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Counterfeit Electronic Components and How to Avoid Them


By Amy Leary, Marketing Manager at

The electronics industry has developed some of the most ground-breaking creations in human history. Some of which was the first television in 1927 by Philo Farnsworth, the first relay invented by Joseph Henry in 1935 and finally the first calculator which was invented in 1967 by Merryman. However, despite the impressive high-tech minds, no one has been able to overcome the industry’s most difficult challenge: the counterfeit market. According to a recent report from Smithers Pira, the global market for anti-counterfeiting, brand protection and security packaging was worth $3.09bn this year alone.

Counterfeit components are a huge threat to electronic supply chains globally. The counterfeit market is growing year on year which effects authorised manufacturers producing the real components. It has become necessary for distributors and manufacturers of electronic components to inspect incoming electronic components to ensure they are authentic.

Many manufactures create counterfeit electronics purely for a higher profit margin. According to US Today, a California man tried to import fake computers, which would have been worth $2.6 million if genuine. He was sentenced to more than three years in prison. This is one of hundreds of cases whereby people have tried to smuggle counterfeit items to sell and make large profit margins.

What’s So Bad About Counterfeit Components?

Counterfeit components can potentially be very dangerous. However big the electronic device is, small incorrect parts can break a device in seconds. If certain parts of a device break or don’t perform as expected, they can cause safety and product performance issues. For example, counterfeit components could lead to short circuits which can cause a fire. Counterfeit components may cause a device to perform incorrectly and could injure someone. Counterfeit components are lower quality compared authentic versions which almost guarantees that the device would not perform up to standard. For many different sectors such as aerospace, manufacturing, military and medical, high performing electronics is very important to ensure safety and accurate results. In these industries, if a device malfunctions due to a counterfeit part, the consequences could be deadly.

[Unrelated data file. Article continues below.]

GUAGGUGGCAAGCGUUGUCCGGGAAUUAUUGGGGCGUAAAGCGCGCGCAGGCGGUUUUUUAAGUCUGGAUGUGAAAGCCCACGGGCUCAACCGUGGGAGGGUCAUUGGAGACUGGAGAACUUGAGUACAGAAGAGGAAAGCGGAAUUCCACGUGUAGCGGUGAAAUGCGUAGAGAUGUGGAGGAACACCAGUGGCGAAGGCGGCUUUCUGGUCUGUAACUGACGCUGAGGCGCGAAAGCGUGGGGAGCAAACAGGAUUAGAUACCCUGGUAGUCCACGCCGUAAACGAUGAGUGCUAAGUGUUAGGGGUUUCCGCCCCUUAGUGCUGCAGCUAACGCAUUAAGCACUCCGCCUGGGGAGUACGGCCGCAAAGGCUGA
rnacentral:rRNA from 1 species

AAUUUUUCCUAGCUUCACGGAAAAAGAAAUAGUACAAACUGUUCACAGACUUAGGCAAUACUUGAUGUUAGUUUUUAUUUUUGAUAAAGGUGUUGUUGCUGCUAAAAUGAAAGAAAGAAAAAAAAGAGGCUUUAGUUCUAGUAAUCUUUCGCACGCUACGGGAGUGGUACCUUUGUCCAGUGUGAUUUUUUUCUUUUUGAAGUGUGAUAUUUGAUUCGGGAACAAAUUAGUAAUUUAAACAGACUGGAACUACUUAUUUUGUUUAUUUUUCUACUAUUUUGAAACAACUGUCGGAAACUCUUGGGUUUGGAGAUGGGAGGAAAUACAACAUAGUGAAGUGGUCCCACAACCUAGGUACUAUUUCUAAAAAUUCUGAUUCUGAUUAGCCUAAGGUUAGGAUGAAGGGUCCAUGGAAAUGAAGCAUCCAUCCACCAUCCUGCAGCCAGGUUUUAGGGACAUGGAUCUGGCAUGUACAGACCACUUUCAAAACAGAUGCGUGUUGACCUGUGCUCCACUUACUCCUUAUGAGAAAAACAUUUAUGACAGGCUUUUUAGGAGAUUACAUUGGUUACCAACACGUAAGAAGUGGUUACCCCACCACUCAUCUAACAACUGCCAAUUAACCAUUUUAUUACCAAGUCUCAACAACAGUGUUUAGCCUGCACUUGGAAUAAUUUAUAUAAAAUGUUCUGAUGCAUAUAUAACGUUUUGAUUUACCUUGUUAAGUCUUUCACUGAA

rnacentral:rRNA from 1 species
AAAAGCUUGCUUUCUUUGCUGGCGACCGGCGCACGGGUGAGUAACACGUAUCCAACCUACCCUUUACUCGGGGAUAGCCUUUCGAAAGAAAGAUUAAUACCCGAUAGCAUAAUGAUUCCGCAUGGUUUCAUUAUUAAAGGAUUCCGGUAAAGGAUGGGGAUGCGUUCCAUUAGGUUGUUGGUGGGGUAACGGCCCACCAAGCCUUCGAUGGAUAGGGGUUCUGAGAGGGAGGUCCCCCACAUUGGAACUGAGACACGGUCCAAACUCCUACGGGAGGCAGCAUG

Counterfeit electronics are dangerous for many industries, one being aerospace. Any fault in the system of a plane formed from a counterfeit part could potentially cause the plane to lose control which could put the crew and pilot in dander.

Fake electronics can also damage companies’ reputations. Counterfeit electronics are likely to cause a change of performance within products. As fake electronics are such low quality, many devices obtaining these are likely to work less efficiently or not as expected. This could result in the consumers complaining about the products and spreading a bad word on the company itself.

What Can I Do to Avoid Counterfeit Components?

Many companies invest in anti-counterfeiting packaging which ensures that their products are legitimate. It is always a good idea to look out for security authorised packaging when buying electronic components. I would also recommend purchasing your parts directly through the original component manufacturer. As this is where the parts are originally made, it is unlikely that someone has tampered with them.

It is possible to spot counterfeit components just by looking at them. If there is misspelling or incorrect labelling on the component, then it is likely that it is counterfeit. As well as this, you can check that the date codes and parts on the labels match with the part itself. Most of the time, you will be able to instantly see whether an electronic component is fake.

Another way to avoid counterfeit electronics would be using authorised search tools. hosts an ECIA Authorised Search Tool which only presents the part numbers of authorised distributors. This would ensure that you are avoiding the ‘grey market’ and can buy electronics with confidence!

[Image credit: David von Diemar for Unsplash]

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